Knight’s international resume as a Youth and Junior (U20) athlete was perhaps even more stellar. She was chosen for the U.S. team for the 2005 World Youth Championships in Morocco, and came home with the gold in the 100m and medley relay, and the silver in the 200 – the top finishes for an American female sprinter until Candace Hill won three golds in 2015.

In 2006, Knight was chosen for the NSAF’s first Caribbean Scholastic Invitational (CSI) squad to compete in Puerto Rico, where she won golds in the 100 and 4x100 relay. “I was focused on making memories with so many of my teammates who later became World and Olympic Champions, so we were all just happy to be the first group to go over and compete at that meet for the U.S.,” she says.

Having qualified for the U.S. team for the World Juniors in China, Knight ran in a Nike Road to Eugene Junior meet in Oregon, helping her 4x1 set a World Junior record of 43.29, but getting injured in the process and missing competing at Worlds. But she made a positive return to the international stage the following year as she closed out her prep career with a 200m gold medal at the Pan American Junior Champs in Brazil.

“I performed very well on teams early on and always had amazing experiences traveling abroad,” she says. “The hosts were always amazing and we always had a good time representing the U.S.”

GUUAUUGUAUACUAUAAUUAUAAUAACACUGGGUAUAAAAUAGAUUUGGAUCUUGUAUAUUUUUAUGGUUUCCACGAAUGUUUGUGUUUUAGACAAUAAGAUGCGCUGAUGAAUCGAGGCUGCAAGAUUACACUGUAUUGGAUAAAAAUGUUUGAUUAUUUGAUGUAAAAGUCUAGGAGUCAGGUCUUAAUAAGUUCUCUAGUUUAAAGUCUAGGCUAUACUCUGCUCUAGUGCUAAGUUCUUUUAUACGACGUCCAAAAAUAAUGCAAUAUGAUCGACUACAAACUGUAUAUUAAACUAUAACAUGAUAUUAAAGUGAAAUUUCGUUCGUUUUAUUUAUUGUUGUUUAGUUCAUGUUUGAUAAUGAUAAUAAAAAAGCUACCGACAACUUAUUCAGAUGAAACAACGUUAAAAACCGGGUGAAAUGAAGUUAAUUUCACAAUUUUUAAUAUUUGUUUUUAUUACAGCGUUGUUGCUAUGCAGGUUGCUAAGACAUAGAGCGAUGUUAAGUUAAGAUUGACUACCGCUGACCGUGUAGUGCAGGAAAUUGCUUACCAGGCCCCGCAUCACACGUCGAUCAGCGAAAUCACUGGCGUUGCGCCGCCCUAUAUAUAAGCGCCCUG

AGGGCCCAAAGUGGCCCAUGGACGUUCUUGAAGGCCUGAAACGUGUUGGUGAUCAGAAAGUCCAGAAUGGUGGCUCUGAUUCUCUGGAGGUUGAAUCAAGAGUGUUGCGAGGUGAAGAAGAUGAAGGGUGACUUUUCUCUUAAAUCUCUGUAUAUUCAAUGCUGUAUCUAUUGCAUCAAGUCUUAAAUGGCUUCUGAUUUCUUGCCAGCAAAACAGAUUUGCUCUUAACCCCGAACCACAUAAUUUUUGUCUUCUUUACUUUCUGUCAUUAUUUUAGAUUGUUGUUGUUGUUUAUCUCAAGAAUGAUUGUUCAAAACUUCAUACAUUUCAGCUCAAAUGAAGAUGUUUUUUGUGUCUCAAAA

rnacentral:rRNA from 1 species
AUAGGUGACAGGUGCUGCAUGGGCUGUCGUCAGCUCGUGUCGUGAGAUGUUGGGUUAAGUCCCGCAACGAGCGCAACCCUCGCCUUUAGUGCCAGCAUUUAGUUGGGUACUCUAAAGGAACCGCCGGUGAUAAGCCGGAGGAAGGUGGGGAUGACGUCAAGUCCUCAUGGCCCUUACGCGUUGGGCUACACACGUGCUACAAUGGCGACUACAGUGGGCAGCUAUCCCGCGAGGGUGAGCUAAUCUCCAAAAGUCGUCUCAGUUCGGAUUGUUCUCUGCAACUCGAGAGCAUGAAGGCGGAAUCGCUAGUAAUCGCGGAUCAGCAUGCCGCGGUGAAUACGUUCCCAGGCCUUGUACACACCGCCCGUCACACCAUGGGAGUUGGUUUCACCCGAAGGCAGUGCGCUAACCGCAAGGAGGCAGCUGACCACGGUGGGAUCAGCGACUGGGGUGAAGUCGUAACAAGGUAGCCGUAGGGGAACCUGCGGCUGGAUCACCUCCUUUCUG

Of course, Knight has some fantastic memories representing Team USA at the Senior level, too, especially at the 2011 Worlds in Daegu, South Korea and the 2012 Olympics – both 4x100m gold medal performances.

“My greatest memory about both Daegu and London was being prepared when my name was called,” she says. “The regular season did not go well enough for me to go represent the U.S. in my open events, but I stayed focused and I was prepared to help anywhere I was needed, and resulted in 2 gold medals and a world record.  So I’ll always be grateful for the fact that I went 2-for-2 when I was needed the most.”

Now, looking beyond her professional T&F career, the most important thing for Knight is to give back to the community and the sport that nurtured her and provide opportunities for other student-athletes to do the same, through the Bianca Knight Foundation and the invitational meet in Mississippi bearing her name.

“The most important thing my foundation does is serve those kids and programs who have the talent but don’t have the budget,” she says. “I had enough experience to know that in order to really be seen, and in order to show people what you can do, you have to travel and it is not cheap. Resources are far and few in between, so I try my best to close that gap in any way that I can, so that these young athletes can show the world what they can do. I know how much that exposure helped me, so it was a no-brainer to give back to the sport that has given so much to me.”

Our Partners